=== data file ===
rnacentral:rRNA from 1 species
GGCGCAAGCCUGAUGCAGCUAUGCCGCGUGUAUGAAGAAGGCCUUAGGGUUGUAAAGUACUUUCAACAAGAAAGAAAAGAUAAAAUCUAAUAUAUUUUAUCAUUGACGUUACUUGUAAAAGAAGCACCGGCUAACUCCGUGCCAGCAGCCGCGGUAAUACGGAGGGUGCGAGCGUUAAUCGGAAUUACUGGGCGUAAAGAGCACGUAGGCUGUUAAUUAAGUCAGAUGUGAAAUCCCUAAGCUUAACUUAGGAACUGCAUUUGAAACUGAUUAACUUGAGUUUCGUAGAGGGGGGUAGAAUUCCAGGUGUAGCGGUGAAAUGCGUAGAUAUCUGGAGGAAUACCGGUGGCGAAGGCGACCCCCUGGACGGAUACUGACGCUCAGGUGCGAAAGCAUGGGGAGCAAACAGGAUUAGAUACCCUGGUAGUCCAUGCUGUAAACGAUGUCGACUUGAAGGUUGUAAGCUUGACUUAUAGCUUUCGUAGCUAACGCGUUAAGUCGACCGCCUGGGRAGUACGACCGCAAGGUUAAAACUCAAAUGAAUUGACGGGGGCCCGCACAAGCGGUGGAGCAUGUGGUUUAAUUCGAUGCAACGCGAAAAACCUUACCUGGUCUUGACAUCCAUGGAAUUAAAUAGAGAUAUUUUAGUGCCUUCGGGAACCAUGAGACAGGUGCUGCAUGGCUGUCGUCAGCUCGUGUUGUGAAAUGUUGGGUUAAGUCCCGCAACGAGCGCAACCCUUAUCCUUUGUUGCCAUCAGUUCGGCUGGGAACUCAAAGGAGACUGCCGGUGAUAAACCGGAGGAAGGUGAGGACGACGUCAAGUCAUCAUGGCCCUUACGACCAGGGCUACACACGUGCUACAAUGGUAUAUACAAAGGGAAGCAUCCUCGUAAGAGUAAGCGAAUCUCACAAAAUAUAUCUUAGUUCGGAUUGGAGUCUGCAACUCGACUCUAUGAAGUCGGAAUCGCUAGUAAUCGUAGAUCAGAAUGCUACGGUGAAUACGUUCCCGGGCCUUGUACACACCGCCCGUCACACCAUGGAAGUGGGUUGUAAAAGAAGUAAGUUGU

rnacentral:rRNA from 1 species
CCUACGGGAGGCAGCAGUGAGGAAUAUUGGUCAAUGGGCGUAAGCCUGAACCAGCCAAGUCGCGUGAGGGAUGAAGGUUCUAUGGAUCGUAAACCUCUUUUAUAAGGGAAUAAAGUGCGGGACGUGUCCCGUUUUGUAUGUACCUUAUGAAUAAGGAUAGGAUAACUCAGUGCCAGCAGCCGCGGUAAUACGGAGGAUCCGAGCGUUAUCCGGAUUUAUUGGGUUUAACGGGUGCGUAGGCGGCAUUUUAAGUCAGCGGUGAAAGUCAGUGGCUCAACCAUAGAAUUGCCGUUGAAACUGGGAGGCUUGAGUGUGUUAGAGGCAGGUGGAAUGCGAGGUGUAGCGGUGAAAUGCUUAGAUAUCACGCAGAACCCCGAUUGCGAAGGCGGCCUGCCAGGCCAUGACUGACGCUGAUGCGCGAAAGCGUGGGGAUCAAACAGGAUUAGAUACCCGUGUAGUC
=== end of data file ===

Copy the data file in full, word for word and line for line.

rnacentral:rRNA from 1 species
GGCGCAAGCCUGAUGCAGCUAUGCCGCGUGUAUGAAGAAGGCCUUAGGGUUGUAAAGUACUUUCAACAAGAAAGAAAAGAUAAAAUCUAAUAUAUUUUAUCAUUGACGUUACUUGUAAAAGAAGCACCGGCUAACUCCGUGCCAGCAGCCGCGGUAAUACGGAGGGUGCGAGCGUUAAUCGGAAUUACUGGGCGUAAAGAGCACGUAGGCUGUUAAUUAAGUCAGAUGUGAAAUCCCUAAGCUUAACUUAGGAACUGCAUUUGAAACUGAUUAACUUGAGUUUCGUAGAGGGGGGUAGAAUUCCAGGUGUAGCGGUGAAAUGCGUAGAUAUCUGGAGGAAUACCGGUGGCGAAGGCGACCCCCUGGACGGAUACUGACGCUCAGGUGCGAAAGCAUGGGGAGCAAACAGGAUUAGAUACCCUGGUAGUCCAUGCUGUAAACGAUGUCGACUUGAAGGUUGUAAGCUUGACUUAUAGCUUUCGUAGCUAACGCGUUAAGUCGACCGCCUGGGRAGUACGACCGCAAGGUUAAAACUCAAAUGAAUUGACGGGGGCCCGCACAAGCGGUGGAGCAUGUGGUUUAAUUCGAUGCAACGCGAAAAACCUUACCUGGUCUUGACAUCCAUGGAAUUAAAUAGAGAUAUUUUAGUGCCUUCGGGAACCAUGAGACAGGUGCUGCAUGGCUGUCGUCAGCUCGUGUUGUGAAAUGUUGGGUUAAGUCCCGCAACGAGCGCAACCCUUAUCCUUUGUUGCCAUCAGUUCGGCUGGGAACUCAAAGGAGACUGCCGGUGAUAAACCGGAGGAAGGUGAGGACGACGUCAAGUCAUCAUGGCCCUUACGACCAGGGCUACACACGUGCUACAAUGGUAUAUACAAAGGGAAGCAUCCUCGUAAGAGUAAGCGAAUCUCACAAAAUAUAUCUUAGUUCGGAUUGGAGUCUGCAACUCGACUCUAUGAAGUCGGAAUCGCUAGUAAUCGUAGAUCAGAAUGCUACGGUGAAUACGUUCCCGGGCCUUGUACACACCGCCCGUCACACCAUGGAAGUGGGUUGUAAAAGAAGUAAGUUGU

rnacentral:rRNA from 1 species
CCUACGGGAGGCAGCAGUGAGGAAUAUUGGUCAAUGGGCGUAAGCCUGAACCAGCCAAGUCGCGUGAGGGAUGAAGGUUCUAUGGAUCGUAAACCUCUUUUAUAAGGGAAUAAAGUGCGGGACGUGUCCCGUUUUGUAUGUACCUUAUGAAUAAGGAUAGGAUAACUCAGUGCCAGCAGCCGCGGUAAUACGGAGGAUCCGAGCGUUAUCCGGAUUUAUUGGGUUUAACGGGUGCGUAGGCGGCAUUUUAAGUCAGCGGUGAAAGUCAGUGGCUCAACCAUAGAAUUGCCGUUGAAACUGGGAGGCUUGAGUGUGUUAGAGGCAGGUGGAAUGCGAGGUGUAGCGGUGAAAUGCUUAGAUAUCACGCAGAACCCCGAUUGCGAAGGCGGCCUGCCAGGCCAUGACUGACGCUGAUGCGCGAAAGCGUGGGGAUCAAACAGGAUUAGAUACCCGUGUAGUC